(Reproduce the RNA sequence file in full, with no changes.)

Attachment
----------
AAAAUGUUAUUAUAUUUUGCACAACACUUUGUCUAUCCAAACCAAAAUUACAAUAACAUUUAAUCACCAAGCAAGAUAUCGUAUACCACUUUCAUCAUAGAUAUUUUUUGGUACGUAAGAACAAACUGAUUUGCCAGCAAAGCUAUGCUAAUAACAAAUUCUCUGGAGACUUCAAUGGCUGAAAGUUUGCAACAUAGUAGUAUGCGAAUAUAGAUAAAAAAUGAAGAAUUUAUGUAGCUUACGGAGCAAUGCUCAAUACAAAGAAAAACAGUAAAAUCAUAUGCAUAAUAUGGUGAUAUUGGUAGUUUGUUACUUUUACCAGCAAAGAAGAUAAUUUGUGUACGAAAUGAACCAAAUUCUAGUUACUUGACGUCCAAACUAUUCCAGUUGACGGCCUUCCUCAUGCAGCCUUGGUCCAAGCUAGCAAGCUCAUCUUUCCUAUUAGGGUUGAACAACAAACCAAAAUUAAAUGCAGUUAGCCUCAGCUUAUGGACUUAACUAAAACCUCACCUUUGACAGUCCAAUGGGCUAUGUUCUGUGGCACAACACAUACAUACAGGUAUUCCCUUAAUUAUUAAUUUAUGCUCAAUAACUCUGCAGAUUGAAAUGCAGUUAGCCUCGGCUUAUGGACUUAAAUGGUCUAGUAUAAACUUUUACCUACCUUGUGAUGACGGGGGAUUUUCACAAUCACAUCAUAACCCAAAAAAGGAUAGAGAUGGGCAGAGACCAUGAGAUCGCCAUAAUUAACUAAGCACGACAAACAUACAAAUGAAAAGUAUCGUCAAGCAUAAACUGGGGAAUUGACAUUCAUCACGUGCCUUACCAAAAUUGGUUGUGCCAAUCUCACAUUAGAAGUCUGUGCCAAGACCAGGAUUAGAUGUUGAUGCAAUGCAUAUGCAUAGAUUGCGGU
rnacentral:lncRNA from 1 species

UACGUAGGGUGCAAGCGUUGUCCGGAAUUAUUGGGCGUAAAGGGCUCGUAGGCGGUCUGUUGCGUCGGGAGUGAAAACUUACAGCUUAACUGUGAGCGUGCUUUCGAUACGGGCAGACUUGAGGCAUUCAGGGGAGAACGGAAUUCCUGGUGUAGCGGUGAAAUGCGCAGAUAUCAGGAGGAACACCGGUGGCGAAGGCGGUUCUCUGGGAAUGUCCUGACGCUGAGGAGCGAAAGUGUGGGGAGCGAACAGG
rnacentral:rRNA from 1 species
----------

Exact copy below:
AAAAUGUUAUUAUAUUUUGCACAACACUUUGUCUAUCCAAACCAAAAUUACAAUAACAUUUAAUCACCAAGCAAGAUAUCGUAUACCACUUUCAUCAUAGAUAUUUUUUGGUACGUAAGAACAAACUGAUUUGCCAGCAAAGCUAUGCUAAUAACAAAUUCUCUGGAGACUUCAAUGGCUGAAAGUUUGCAACAUAGUAGUAUGCGAAUAUAGAUAAAAAAUGAAGAAUUUAUGUAGCUUACGGAGCAAUGCUCAAUACAAAGAAAAACAGUAAAAUCAUAUGCAUAAUAUGGUGAUAUUGGUAGUUUGUUACUUUUACCAGCAAAGAAGAUAAUUUGUGUACGAAAUGAACCAAAUUCUAGUUACUUGACGUCCAAACUAUUCCAGUUGACGGCCUUCCUCAUGCAGCCUUGGUCCAAGCUAGCAAGCUCAUCUUUCCUAUUAGGGUUGAACAACAAACCAAAAUUAAAUGCAGUUAGCCUCAGCUUAUGGACUUAACUAAAACCUCACCUUUGACAGUCCAAUGGGCUAUGUUCUGUGGCACAACACAUACAUACAGGUAUUCCCUUAAUUAUUAAUUUAUGCUCAAUAACUCUGCAGAUUGAAAUGCAGUUAGCCUCGGCUUAUGGACUUAAAUGGUCUAGUAUAAACUUUUACCUACCUUGUGAUGACGGGGGAUUUUCACAAUCACAUCAUAACCCAAAAAAGGAUAGAGAUGGGCAGAGACCAUGAGAUCGCCAUAAUUAACUAAGCACGACAAACAUACAAAUGAAAAGUAUCGUCAAGCAUAAACUGGGGAAUUGACAUUCAUCACGUGCCUUACCAAAAUUGGUUGUGCCAAUCUCACAUUAGAAGUCUGUGCCAAGACCAGGAUUAGAUGUUGAUGCAAUGCAUAUGCAUAGAUUGCGGU
rnacentral:lncRNA from 1 species

UACGUAGGGUGCAAGCGUUGUCCGGAAUUAUUGGGCGUAAAGGGCUCGUAGGCGGUCUGUUGCGUCGGGAGUGAAAACUUACAGCUUAACUGUGAGCGUGCUUUCGAUACGGGCAGACUUGAGGCAUUCAGGGGAGAACGGAAUUCCUGGUGUAGCGGUGAAAUGCGCAGAUAUCAGGAGGAACACCGGUGGCGAAGGCGGUUCUCUGGGAAUGUCCUGACGCUGAGGAGCGAAAGUGUGGGGAGCGAACAGG
rnacentral:rRNA from 1 species